Chris Bryant (Rhondda) (Lab): Will the right hon. and learned Gentleman give way?

Mr. Ancram: I shall not give way again because, as I said, many other Members wish to speak in the debate.
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There is no doubt that confidence right across Iraq has been shattered by the horrific incidences of prisoner abuse, particularly in the Abu Ghraib prison. We roundly condemn them. Such behaviour has no place in the conduct of the army of a democratic state. They are not only unacceptable in themselves, but highly damaging to the coalition's credibility in Iraq. One thing that would help to prevent further such abuses is, independent monitoring of all detention facilities in Iraq. When the Minister replies to the debate, can he specifically confirm that all and every part of coalition detention facilities throughout Iraq are open to unfettered inspection by the Red Cross? I repeat: all and every part of coalition detention facilities. Perhaps he can also clarify whether, after 30 June, responsibility for these detention facilities will pass from the coalition to the interim government.

I come finally to the underlying theme of this debate—the Government's relations with the United States. I bow to no one in my belief that our special relationship with America is crucial to our national interest. I believe in a true partnership with America, based on shared values, shared traditions and, frequently, shared interests. Shortly, Europe will be reminded of what, 60 years ago, the United States, as liberators, did for our war-ravaged continent and the debt of gratitude that we owe to them. Our relationship, however, must always be, as it always has been, a partnership in which frankness is at the core.

We are constantly given the nudge and the wink that that is the case for the Prime Minister, but we are never given the evidence. Even the closest of allies have differences of opinion and emphasis. A candid friendship, except when confidentiality is essential, should not be afraid of such differences—and the advice that follows on from them—being known.

The Prime Minister, however, seems to have established a new doctrine of international relations. He never admits in public whether the differences even exist, let alone the discussions he has had on them. That reticence is not necessary. Margaret Thatcher let Ronald Reagan clearly know of her displeasure at the United States invasion of Grenada in 1983. She quickly made her concerns known after the Reykjavik summit in 1986 between Presidents Reagan and Gorbachev. How can the British people ever know what influence a British Prime Minister has brought to bear on our American allies if he never discloses it? Is it surprising that people wonder whether any influence has been brought to bear at all?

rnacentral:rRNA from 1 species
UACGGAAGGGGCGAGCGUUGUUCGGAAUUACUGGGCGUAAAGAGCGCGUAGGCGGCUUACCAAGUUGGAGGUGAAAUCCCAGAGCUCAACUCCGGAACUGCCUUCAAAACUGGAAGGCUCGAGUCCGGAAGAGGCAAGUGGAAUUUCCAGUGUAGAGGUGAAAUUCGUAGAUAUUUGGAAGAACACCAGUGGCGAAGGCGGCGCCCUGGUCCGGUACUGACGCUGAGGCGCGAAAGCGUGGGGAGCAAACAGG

Although the outlook in Iraq is, for the moment, bleak, we must never fall into the Liberal Democratic trap of just being negative. With them in power, Saddam would still be in place, he would still be murdering and he would still be threatening. Thank goodness he is not. Of course, things could be better. If the Government had planned more effectively when we pressed them to, if they had not dithered on the way forward and if they had not been so incompetent in keeping a grip on what was happening in Iraq, things today would be better. However, although time is short, we can still get it right. The cause we fought for was right and the objectives at
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which we are still aiming are right. For the sake of the people of Iraq and of international peace and security, we must ensure that they are achieved.

Several hon. Members rose—

Madam Deputy Speaker (Sylvia Heal): Order. I remind all right hon. and hon. Members that Mr. Speaker has imposed an eight-minute limit on all Back-Bench speeches.

4.41 pm

Mrs. Barbara Roche (Hornsey and Wood Green) (Lab): For very many Jewish people of my generation, the major influence has been the holocaust and the second world war. That has certainly influenced my political views. The enduring view of that conflict and the holocaust is that the international community of the day knew what was happening in the concentration camps and knew that the train lines were carrying Jewish people and others from all over Europe to their certain death and destruction, and failed to act. That is an abiding issue for me, my community and many others. Similarly, in recent times, the failure of the international community to take any action until it was far too late led to the genocide and holocaust in Rwanda. I use the word "holocaust" advisedly. I hardly ever use it because to use it in a loose way defiles the memory of those who died.